But then, we should also be wary of the importance of leadership in China, especially with Xi Jinping at the helm who's regarded as very powerful and influential in the same stature as Mao Zedong and Deng Xiaoping. It seems that Xi Jinping is his own man, neither appointed by Deng nor any of his predecessors, who would like to chart his own legacy, who now governs a rich economy with strong military capabilities and the political clout that comes with these, and who enjoys the solid sources of power and authority coming from the party, government, and military combined. 

Henry Kissinger might have understood Deng Xiaoping well, but Xi Jinping is or may be a different character.

Thus, it may not be that easy to predict China's behaviour in the current context under Xi Jinping — though, thus far, I also see much more continuity than change in China's foreign policy from Deng Xiaoping, Jiang Zemin, and Hu Jintao. However, the Philippines can do very good in, and rely on the strategic importance and usefulness of, diplomacy.

Yet, more than anything else, the peoples of China and the Philippines should realise that the existing conflicts in the South China / West Philippine Sea is too important to be left to governments and their politicians. I am hopeful that with the travels and more exposure of the younger generation with each other, our relationships will be much more understanding, generous and harmonious. 

People-to-people interaction and cooperation is the best way to a sustainable peace and civilisational progress.

31 March 2015

Podemos and Left Politics in Europe

Comment on Giles Tremlett's article at The Guardian
Source: The Guardian

Viva Podemos!

Podemos, launched on my birthday 17th of January last year, will make history in Spain and Europe this year. It's a daring political experiment of the left, radical yet practical.

"Politics was like sex: you start off doing it badly, but learn with experience.” 

I just hope that we/Podemos are learning much from the recent and ongoing experience of Greece's Syriza in the plan to break away from austerity. The lesson, I think, is: The left should never underestimate the power of the Troika (the IMF, EU, and European Central Bank), the EU political-business elites, and Germany to enforce and sustain the status quo. Thus, there's a need for much more sophisticated strategy, organization and solidarity.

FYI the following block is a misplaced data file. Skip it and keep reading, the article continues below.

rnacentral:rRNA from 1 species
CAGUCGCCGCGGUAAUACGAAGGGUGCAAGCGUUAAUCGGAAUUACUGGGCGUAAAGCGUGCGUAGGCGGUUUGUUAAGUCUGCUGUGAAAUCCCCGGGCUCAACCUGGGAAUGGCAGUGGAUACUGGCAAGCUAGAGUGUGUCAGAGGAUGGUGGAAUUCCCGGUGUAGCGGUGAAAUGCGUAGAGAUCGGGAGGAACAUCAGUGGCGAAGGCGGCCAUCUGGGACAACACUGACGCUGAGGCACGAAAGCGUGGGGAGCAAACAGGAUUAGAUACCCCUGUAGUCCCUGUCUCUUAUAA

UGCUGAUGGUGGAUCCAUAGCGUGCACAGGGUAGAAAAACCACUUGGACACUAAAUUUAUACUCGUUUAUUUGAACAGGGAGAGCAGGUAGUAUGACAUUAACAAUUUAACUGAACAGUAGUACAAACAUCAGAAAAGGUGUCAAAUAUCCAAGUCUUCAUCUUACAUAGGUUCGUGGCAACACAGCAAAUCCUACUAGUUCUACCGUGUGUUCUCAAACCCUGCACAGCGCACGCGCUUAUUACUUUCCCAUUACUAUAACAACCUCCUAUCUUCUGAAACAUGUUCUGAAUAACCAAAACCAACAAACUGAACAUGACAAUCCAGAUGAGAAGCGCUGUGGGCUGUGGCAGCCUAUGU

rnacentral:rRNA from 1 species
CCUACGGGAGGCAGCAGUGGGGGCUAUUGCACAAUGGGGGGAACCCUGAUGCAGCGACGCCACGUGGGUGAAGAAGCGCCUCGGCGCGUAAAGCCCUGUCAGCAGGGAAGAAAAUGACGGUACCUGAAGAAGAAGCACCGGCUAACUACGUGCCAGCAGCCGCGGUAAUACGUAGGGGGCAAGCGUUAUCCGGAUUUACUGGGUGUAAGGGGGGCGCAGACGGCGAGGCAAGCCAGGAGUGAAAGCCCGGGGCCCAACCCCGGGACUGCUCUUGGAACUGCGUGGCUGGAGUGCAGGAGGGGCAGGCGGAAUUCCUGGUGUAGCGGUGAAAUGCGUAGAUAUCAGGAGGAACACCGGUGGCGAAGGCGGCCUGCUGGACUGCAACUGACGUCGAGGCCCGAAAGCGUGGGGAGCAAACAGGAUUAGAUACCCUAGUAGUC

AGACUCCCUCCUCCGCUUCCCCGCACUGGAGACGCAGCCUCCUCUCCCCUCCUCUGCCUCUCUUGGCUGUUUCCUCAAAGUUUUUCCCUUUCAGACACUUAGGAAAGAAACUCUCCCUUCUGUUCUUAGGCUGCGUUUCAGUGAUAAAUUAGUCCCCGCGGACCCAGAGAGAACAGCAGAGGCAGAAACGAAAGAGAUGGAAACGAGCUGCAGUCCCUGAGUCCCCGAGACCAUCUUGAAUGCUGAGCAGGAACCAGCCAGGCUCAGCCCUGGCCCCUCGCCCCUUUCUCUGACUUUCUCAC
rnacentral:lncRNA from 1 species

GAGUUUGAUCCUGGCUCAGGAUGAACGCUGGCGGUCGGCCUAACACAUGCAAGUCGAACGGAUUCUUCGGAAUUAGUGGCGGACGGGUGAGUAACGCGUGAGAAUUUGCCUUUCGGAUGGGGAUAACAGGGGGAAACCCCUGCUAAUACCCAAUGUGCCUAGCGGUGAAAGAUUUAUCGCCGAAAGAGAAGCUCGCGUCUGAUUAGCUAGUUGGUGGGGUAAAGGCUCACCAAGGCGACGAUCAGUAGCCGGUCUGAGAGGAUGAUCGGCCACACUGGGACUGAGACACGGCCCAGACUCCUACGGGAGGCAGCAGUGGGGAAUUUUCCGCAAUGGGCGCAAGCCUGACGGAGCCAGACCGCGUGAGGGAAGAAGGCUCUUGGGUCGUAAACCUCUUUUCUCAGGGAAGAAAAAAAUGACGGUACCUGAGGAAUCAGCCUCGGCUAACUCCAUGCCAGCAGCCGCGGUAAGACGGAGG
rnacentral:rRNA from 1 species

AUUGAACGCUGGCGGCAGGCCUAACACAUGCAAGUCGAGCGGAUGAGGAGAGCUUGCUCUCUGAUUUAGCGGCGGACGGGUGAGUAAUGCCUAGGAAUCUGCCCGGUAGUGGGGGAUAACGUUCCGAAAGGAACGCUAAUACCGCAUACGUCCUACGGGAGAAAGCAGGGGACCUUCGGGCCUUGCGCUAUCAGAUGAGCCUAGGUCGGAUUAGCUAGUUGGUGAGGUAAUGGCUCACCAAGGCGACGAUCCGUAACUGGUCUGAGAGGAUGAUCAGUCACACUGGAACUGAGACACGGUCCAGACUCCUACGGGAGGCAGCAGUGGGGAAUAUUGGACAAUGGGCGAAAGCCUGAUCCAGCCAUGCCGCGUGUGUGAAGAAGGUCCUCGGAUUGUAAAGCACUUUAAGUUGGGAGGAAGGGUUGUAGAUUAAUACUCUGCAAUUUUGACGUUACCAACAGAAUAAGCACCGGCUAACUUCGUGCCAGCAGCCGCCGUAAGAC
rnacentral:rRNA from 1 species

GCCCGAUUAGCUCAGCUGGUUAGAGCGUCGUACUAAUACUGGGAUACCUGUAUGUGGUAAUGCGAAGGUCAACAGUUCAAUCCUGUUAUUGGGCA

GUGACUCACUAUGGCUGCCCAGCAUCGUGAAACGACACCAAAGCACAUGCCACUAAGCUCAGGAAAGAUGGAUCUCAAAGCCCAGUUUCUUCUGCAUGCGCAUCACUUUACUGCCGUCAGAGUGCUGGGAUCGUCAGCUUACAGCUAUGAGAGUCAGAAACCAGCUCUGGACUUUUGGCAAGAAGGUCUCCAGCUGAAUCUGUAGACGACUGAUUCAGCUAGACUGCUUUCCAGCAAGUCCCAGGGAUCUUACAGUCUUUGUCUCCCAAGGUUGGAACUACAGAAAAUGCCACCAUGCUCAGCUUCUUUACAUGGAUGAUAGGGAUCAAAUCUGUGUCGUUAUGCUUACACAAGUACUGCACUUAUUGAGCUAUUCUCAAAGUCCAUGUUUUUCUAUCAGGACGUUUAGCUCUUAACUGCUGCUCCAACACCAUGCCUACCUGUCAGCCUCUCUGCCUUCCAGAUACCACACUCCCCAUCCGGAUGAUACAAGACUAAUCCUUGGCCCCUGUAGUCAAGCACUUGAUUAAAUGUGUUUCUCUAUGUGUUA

Longish, but a very good read for people interested in social movements, European politics, and how left activist-academics (inspired by Gramsci, Laclau and Mouffe) are putting ideas into practice....

27 March 2015

Finland's Dynamic Education System

Reflection on Pasi Sahlberg's essay at The Converssation

This is one of the many things that I am liking in the Finnish education system. Aside from putting high regard and social status to teachers, the country treats teaching as a 'dynamic' (rather than static) learning process. Now, Finland is again hitting international headlines with their new 'decentralised' experiment of 'phenomenon-based' learning and teaching through an 'interdisciplinary' approach.

It has now been a year since I've been given an opportunity to teach here in Finland. Though I teach at the higher/university education level (which is a different ballgame from the much appreciated basic/school education system in Finland), I always remind myself that the current generation of Finnish students enrolled in our master's programme have been products of the successful education reform process that Finland undertook since the 1990s — an education system and process that is substantially different in method and principle from what I had undergone. Moreover, our master's programme, where I am part of the core staff, at the University of Jyväskylä is an inter-faculty initiative that includes students and faculty members from the Faculty of Education, which is recognised as Finland's leading expert in teacher education and adult education, as well as a major exporter of education. 

Mindful of this dynamism in the teaching profession in Finland, during the last year I have audited many lectures on how teaching is done by colleagues and availed of the university's privilege for academic staff to allot some of our work hours for professional improvement by enrolling myself in several trainings as well as in some courses learning with students themselves in the same classroom. It's demanding for a fresh post-doctoral academic due to the very competitive condition of the profession these days especially for a foreigner in Europe's academia. But on second thought this is good — indeed, much better and desirable than being complacent, stale, sterile, or bored.